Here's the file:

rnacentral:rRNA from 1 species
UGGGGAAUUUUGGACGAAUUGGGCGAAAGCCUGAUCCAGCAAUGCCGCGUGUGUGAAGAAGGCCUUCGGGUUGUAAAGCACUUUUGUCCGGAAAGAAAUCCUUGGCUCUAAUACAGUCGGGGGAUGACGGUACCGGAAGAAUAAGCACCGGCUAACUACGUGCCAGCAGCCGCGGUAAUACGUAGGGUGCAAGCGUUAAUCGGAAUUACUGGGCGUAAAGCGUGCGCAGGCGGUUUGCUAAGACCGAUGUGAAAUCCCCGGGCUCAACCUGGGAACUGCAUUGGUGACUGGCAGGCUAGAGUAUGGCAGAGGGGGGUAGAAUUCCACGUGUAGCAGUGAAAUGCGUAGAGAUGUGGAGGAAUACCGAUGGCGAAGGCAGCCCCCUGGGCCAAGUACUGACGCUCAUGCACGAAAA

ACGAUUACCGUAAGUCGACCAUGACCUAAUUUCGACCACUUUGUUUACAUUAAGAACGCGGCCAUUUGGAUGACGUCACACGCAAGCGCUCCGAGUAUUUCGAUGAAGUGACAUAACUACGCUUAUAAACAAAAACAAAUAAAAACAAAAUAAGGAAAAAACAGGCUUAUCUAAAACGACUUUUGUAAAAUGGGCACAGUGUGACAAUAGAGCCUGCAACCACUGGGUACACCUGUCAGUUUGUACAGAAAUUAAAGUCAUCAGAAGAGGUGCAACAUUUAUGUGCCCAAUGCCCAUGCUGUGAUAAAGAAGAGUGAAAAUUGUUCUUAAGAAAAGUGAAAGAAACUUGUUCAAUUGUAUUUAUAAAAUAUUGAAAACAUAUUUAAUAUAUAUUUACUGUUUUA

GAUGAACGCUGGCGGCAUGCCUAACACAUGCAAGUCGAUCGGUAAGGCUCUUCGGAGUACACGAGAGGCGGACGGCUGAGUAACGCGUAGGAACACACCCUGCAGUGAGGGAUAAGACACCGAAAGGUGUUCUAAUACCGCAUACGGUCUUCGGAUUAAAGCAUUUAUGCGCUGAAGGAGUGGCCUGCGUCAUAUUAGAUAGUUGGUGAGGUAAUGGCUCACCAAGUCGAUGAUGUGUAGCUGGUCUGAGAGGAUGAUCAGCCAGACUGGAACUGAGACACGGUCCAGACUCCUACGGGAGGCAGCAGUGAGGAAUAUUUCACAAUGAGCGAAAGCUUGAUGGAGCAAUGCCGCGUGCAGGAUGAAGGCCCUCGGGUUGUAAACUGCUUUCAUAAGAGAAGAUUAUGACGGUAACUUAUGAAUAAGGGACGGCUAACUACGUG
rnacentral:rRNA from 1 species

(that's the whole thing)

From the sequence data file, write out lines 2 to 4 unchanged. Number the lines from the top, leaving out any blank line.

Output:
UGGGGAAUUUUGGACGAAUUGGGCGAAAGCCUGAUCCAGCAAUGCCGCGUGUGUGAAGAAGGCCUUCGGGUUGUAAAGCACUUUUGUCCGGAAAGAAAUCCUUGGCUCUAAUACAGUCGGGGGAUGACGGUACCGGAAGAAUAAGCACCGGCUAACUACGUGCCAGCAGCCGCGGUAAUACGUAGGGUGCAAGCGUUAAUCGGAAUUACUGGGCGUAAAGCGUGCGCAGGCGGUUUGCUAAGACCGAUGUGAAAUCCCCGGGCUCAACCUGGGAACUGCAUUGGUGACUGGCAGGCUAGAGUAUGGCAGAGGGGGGUAGAAUUCCACGUGUAGCAGUGAAAUGCGUAGAGAUGUGGAGGAAUACCGAUGGCGAAGGCAGCCCCCUGGGCCAAGUACUGACGCUCAUGCACGAAAA

ACGAUUACCGUAAGUCGACCAUGACCUAAUUUCGACCACUUUGUUUACAUUAAGAACGCGGCCAUUUGGAUGACGUCACACGCAAGCGCUCCGAGUAUUUCGAUGAAGUGACAUAACUACGCUUAUAAACAAAAACAAAUAAAAACAAAAUAAGGAAAAAACAGGCUUAUCUAAAACGACUUUUGUAAAAUGGGCACAGUGUGACAAUAGAGCCUGCAACCACUGGGUACACCUGUCAGUUUGUACAGAAAUUAAAGUCAUCAGAAGAGGUGCAACAUUUAUGUGCCCAAUGCCCAUGCUGUGAUAAAGAAGAGUGAAAAUUGUUCUUAAGAAAAGUGAAAGAAACUUGUUCAAUUGUAUUUAUAAAAUAUUGAAAACAUAUUUAAUAUAUAUUUACUGUUUUA

GAUGAACGCUGGCGGCAUGCCUAACACAUGCAAGUCGAUCGGUAAGGCUCUUCGGAGUACACGAGAGGCGGACGGCUGAGUAACGCGUAGGAACACACCCUGCAGUGAGGGAUAAGACACCGAAAGGUGUUCUAAUACCGCAUACGGUCUUCGGAUUAAAGCAUUUAUGCGCUGAAGGAGUGGCCUGCGUCAUAUUAGAUAGUUGGUGAGGUAAUGGCUCACCAAGUCGAUGAUGUGUAGCUGGUCUGAGAGGAUGAUCAGCCAGACUGGAACUGAGACACGGUCCAGACUCCUACGGGAGGCAGCAGUGAGGAAUAUUUCACAAUGAGCGAAAGCUUGAUGGAGCAAUGCCGCGUGCAGGAUGAAGGCCCUCGGGUUGUAAACUGCUUUCAUAAGAGAAGAUUAUGACGGUAACUUAUGAAUAAGGGACGGCUAACUACGUG